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Old 01-06-2011, 08:30 AM   #1
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Tow Vehicles

Just as an FYI to all--- There has never been any published " standards for tow ratings" set be anyone or group other that the mfgs themselves. There will be a set of standards out soon that the mfgs will have to meet to be able to state there" towing capacitys". One of the areas that will be included will be the frontal area of the tt exposed to the wind . Very few truck mfgs list this info and it is critical to the life of your vehicle. This is where the v6 trucks/ suvs minivans have problems, albiet unknown to the driver, the running gear can, under certain conditions , get to the breaking point. If you must tow with a small vehicle a trans temp gauge might be a good investment. HAPPY MOTORING
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Old 01-06-2011, 08:08 PM   #2
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With any vehicle its best to have a full bank of gauges. Because like my friend that tows daily he's learned over 900K miles of towing that most all failure will show up as a temperature rise before the failure. So if you got gauges then you'll know something is wrong.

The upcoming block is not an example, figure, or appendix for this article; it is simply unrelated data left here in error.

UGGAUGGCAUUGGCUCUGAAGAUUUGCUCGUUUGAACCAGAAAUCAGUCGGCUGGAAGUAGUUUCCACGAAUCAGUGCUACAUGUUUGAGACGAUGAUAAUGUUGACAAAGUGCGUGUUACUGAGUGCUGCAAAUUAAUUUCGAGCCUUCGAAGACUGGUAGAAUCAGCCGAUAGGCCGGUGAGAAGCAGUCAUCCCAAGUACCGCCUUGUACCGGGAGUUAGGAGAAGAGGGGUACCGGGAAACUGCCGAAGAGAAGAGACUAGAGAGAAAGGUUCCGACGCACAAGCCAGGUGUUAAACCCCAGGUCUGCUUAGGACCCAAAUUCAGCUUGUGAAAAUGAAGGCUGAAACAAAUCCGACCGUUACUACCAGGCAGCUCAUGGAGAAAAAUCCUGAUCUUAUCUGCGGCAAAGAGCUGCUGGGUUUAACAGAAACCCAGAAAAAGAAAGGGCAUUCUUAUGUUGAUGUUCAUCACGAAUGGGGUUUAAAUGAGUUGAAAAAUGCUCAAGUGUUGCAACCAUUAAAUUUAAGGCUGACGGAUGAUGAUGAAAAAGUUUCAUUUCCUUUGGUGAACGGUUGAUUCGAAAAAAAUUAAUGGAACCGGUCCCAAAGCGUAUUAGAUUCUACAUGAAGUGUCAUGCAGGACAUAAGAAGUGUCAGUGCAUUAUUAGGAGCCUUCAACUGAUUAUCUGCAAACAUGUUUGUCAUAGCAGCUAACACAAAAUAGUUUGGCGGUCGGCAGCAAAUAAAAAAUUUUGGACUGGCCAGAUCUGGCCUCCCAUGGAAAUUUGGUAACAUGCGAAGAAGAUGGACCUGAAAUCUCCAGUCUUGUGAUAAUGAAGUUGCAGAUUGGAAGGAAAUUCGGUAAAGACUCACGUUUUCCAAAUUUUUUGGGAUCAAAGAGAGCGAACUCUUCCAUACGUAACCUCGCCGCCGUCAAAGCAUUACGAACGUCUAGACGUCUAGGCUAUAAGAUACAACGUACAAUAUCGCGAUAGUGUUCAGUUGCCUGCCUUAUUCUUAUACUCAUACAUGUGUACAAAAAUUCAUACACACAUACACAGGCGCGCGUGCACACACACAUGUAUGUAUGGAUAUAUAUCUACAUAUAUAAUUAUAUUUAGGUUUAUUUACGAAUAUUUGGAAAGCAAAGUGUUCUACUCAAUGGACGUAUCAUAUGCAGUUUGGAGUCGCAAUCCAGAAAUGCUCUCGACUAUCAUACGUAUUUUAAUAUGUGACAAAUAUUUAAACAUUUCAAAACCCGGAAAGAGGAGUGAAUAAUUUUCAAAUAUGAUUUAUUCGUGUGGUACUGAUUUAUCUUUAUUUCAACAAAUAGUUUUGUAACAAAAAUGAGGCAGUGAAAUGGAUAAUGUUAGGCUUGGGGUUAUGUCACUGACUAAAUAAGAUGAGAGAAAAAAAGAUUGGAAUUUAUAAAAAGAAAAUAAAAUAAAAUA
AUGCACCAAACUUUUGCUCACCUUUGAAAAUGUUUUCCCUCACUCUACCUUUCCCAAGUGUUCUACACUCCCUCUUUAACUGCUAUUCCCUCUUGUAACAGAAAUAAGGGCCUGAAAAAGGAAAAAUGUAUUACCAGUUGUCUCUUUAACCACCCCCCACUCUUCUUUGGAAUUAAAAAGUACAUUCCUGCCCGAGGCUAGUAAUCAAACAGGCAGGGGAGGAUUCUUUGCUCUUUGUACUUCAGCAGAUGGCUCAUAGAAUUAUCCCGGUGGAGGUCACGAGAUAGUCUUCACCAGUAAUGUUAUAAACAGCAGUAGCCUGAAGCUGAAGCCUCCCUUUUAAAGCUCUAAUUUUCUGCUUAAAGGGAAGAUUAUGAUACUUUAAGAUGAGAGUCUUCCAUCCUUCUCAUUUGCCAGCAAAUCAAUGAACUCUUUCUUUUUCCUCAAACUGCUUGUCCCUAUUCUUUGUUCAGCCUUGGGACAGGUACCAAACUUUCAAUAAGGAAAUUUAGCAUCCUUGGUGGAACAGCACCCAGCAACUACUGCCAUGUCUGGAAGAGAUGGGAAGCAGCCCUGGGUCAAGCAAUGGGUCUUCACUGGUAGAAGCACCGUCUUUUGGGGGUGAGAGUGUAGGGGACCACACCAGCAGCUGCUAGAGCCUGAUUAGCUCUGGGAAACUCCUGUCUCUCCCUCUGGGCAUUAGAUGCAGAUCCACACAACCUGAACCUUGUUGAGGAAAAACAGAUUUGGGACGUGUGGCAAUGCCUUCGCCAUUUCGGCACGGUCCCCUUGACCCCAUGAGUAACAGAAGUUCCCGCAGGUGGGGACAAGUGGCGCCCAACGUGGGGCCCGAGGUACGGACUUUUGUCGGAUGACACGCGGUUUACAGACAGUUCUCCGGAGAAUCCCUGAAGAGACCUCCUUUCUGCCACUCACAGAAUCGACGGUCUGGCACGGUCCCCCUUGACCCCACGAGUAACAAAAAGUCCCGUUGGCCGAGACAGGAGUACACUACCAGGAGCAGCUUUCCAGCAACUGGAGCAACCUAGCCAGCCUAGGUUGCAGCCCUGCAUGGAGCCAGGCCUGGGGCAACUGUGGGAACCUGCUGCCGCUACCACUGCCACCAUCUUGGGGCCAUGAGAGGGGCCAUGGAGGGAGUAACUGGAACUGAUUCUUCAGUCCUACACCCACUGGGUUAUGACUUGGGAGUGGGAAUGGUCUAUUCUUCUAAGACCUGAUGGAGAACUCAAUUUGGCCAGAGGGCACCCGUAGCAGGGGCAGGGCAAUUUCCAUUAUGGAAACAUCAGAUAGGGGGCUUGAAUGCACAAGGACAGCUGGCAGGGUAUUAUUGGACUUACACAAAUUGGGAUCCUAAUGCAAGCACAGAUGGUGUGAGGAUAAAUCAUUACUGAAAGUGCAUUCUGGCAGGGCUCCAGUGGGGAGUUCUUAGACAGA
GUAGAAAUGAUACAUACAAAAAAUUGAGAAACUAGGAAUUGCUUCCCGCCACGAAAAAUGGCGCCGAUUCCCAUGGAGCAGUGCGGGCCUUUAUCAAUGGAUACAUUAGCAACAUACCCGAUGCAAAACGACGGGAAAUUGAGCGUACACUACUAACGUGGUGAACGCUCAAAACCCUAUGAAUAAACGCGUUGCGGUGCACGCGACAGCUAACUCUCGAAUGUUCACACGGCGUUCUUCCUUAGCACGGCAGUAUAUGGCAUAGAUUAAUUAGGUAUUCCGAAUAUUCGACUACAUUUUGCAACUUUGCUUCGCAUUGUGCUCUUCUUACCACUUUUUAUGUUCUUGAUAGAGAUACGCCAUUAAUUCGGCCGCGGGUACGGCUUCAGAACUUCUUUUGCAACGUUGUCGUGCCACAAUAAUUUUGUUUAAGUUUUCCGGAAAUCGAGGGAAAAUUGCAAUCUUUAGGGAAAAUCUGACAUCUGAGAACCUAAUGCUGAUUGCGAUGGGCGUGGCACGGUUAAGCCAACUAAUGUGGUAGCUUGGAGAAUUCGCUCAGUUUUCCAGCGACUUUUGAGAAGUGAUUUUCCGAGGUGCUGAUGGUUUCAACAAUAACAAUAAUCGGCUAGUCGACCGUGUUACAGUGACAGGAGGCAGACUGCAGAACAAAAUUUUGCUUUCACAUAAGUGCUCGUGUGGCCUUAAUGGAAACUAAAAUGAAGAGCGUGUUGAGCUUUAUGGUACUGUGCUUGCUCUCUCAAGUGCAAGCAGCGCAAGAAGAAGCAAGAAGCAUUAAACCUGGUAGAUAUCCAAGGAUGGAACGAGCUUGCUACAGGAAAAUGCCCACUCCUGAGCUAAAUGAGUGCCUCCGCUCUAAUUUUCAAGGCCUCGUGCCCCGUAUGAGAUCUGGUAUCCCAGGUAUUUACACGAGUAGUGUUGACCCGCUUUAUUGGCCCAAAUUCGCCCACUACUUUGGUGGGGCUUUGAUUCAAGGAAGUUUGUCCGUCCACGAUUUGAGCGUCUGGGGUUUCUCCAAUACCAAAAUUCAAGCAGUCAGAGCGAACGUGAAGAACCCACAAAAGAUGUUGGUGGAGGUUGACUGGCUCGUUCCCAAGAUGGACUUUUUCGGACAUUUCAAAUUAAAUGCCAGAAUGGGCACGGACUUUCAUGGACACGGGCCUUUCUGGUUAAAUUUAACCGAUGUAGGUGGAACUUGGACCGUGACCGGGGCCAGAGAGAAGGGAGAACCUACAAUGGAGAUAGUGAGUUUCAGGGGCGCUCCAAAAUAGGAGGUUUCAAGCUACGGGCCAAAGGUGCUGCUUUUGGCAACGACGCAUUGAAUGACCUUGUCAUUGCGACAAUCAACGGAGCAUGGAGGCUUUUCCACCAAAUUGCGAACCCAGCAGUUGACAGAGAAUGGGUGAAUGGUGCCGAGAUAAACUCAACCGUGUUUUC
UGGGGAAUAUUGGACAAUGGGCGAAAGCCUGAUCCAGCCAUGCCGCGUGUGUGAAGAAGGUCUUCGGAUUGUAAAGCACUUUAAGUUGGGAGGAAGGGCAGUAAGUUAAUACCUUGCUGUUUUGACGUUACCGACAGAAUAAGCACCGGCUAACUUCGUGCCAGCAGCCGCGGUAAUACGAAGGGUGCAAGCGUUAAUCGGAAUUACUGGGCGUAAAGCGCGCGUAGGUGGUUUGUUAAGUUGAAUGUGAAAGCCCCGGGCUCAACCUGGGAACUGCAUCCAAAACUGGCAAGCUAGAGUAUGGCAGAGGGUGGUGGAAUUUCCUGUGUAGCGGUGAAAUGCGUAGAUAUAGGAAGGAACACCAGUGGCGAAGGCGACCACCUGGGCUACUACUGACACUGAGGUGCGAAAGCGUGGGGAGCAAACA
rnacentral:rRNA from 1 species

Like on my truck...
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Old 01-07-2011, 04:05 PM   #3
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I do not see where turbo boost or fuel pressure guages are needed but to each his own. Happy towing.
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Old 01-07-2011, 07:43 PM   #4
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I know when we towed our little 17' fiberglass Casita (grossed weight was about 2900#) with our Honda Odyssey (tow capacity of 3500#), we had Honda install the cooling system for two things on the car (for the life of me I can't remember what it's called and Don's not home to ask). Anyway, with that combination, the two sucky things were that we slowed considerably on grades, and when we descended grades, we worried about losing our breaks.... but we didn't have to worry about overheating! Otherwise we did fine . We were clueless and couldn't find any other info beyond what was offered at the Casita Forum. I actually like the idea of any additional info that can be accessed via internet to help us all tow safer (short of getting a 3/4 or one ton of course which doesn't agree with most of our pocketbooks ).